In some ways it feels a bit odd to be reviewing each volume of Parade’s End rather than the entire novel. However, the sheer scale and complexity of the four-volume book militates against my being able to do justice to each volume’s particular concerns in a single review. If I can do any kind of justice to even one volume then I will be pleased. (I haven’t yet watched the BBC adaptation, so I’m coming to the books as it were unspoiled).
I stand for monogamy and chastity. And for no talking about it.
In Some Do Not… Ford subjects the brilliant and upright Christopher Tietjens to the disintegration of his rigid Edwardian psychology and moral code. Tietjens stands for an old, feudal, landed and taciturn class of Englishman; a man at home with the contours of birth, privilege, and society, whilst hating presumption and overt sentiment. For such a man to be married to Sylvia, a repulsive but beautiful adulterer without a hint of remorse or sympathy, whilst falling in love with the intelligent, witty, altogether charming Valentine, tests both his moral and social principles to the limit.
If you wanted something killed you’d go to Sylvia Tietjens in the sure faith that she would kill it: emotion, hope, ideal; kill it quick and sure. If you wanted something kept alive you’d go to Valentine: she’d find something to do for it. . . .
With the coming of the War and his service Tietjens seems broken, his brilliance slipping away, as the world in which he was so at home slips away amidst the bellicose tumult, whilst he retains the principles which keep him from divorce and happiness. He maintains that he is a sentimentalist at heart, and it is such sentimentalism which keeps him attached to the moral code the world seems to be shedding and, perhaps, never truly held. For Ford forcefully asserts the human realities that Edwardian society struggled to deny: fractured marriage, adultery, ambition, expression, and institutional prejudice and fallibility. Throughout the novel ‘Some do and some do not’ stand as summations of divisions of class, principle and service, most of which Tietjens manages to fall foul of, be it by resentment of his birth, his ability, moral code, or War service.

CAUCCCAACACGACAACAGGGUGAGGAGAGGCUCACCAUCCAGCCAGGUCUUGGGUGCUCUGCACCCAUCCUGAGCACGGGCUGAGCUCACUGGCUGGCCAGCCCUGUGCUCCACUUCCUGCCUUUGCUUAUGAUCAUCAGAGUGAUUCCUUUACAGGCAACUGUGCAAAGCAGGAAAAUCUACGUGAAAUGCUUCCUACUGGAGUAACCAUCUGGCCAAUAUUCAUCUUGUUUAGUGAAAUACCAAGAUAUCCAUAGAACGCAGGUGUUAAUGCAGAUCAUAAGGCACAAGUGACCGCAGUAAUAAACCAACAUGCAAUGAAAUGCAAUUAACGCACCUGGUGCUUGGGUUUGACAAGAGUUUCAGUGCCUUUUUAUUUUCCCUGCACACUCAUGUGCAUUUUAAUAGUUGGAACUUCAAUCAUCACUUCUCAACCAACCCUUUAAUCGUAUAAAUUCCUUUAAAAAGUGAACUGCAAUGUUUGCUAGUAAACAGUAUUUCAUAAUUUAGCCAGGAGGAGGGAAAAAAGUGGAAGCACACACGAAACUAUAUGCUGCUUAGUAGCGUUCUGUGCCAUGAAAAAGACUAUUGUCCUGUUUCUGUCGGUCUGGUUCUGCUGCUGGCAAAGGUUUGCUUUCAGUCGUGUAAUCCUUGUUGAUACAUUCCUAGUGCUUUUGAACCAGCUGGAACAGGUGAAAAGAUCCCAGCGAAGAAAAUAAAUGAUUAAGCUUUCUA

She looked at Tietjens now with a sort of gloating curiosity. How was it possible that the most honourable man she knew should be so overwhelmed by foul and baseless rumours? It made you suspect that honour had, in itself, a quality of the evil eye. . . .
Sylvia, as loathsome a woman as one is likely to come across in literature, constantly works to undermine her husband. As she herself understands, ‘She preferred to inflict deeper and more quiet pains.’ That so many are prepared to believe her, and those like her, is testament to the rot Ford saw at the heart of pre-War society. Tietjens perceives this and it drives him to the nihilism of the latter part of Some Do Not…
You see in such a world as this, an idealist – or perhaps it’s only a sentimentalist – must be stoned to death. He makes the others so uncomfortable. He haunts them at their golf.
Indeed, Tietjens’ own brother – a model of Yorkshire taciturnity – is more willing to believe in the possibility of serious moral and financial failings on Christopher’s part, than to countenance the error of a bank, a ‘prop of England’.
It is Ford’s psychology which I so admire. He plunges the reader into the mental life of his characters as they twist and turn under the pressures of society, duty, memory, and love. The narrative is far from linear as we often find out about a character’s feelings about an event or individual only at the end of Ford’s investigation of their response to it. This renders our apprehension of the narrative as partial as any of its inhabitants and Parade’s End a far more modern novel than it might otherwise appear. A kind of fear seems to drive so many, epitomised, perhaps, in the person of Tietjens’ old friend Macmaster: a Scotsman of low birth who idolises the Romantics, and who is searching for security and esteem, everything his friend has without apparent effort or desire, and finds in the wife of a lewd madman the pillar he needs to rise.
One has to be slightly concerned by the anti-Semitism which occasionally emerges in Ford’s novels, or, at least, that of his characters; and one rather hopes it is merely the latter. All one can really say at this point is that such things are a reminder of how prevalent such language and sentiment really was at the time. (Parade’s End was published during the 1920s). Eliot and others were as guilty as Ford, if not more so. Which certainly excuses nothing, but at the very least it gives a more rounded picture of a period when writers might also easily oppose Protestant and Papist within the work as a signifier of divided loyalties. A very different world.
In the end we might censure Tietjens for the tenacity of his principled stand. For all his brilliance he lacks the flexibility to consummate his love for Valentine in any sense. He does not bend, he breaks as his world dissolves. But even then he cannot quite give in and Ford’s novel is greater for it. Roll on No More Parades.
A man with doubts is more of a man, with eyes, hands, the need for food and for buttons to be sown on.
My thanks to Penguin for providing this review copy.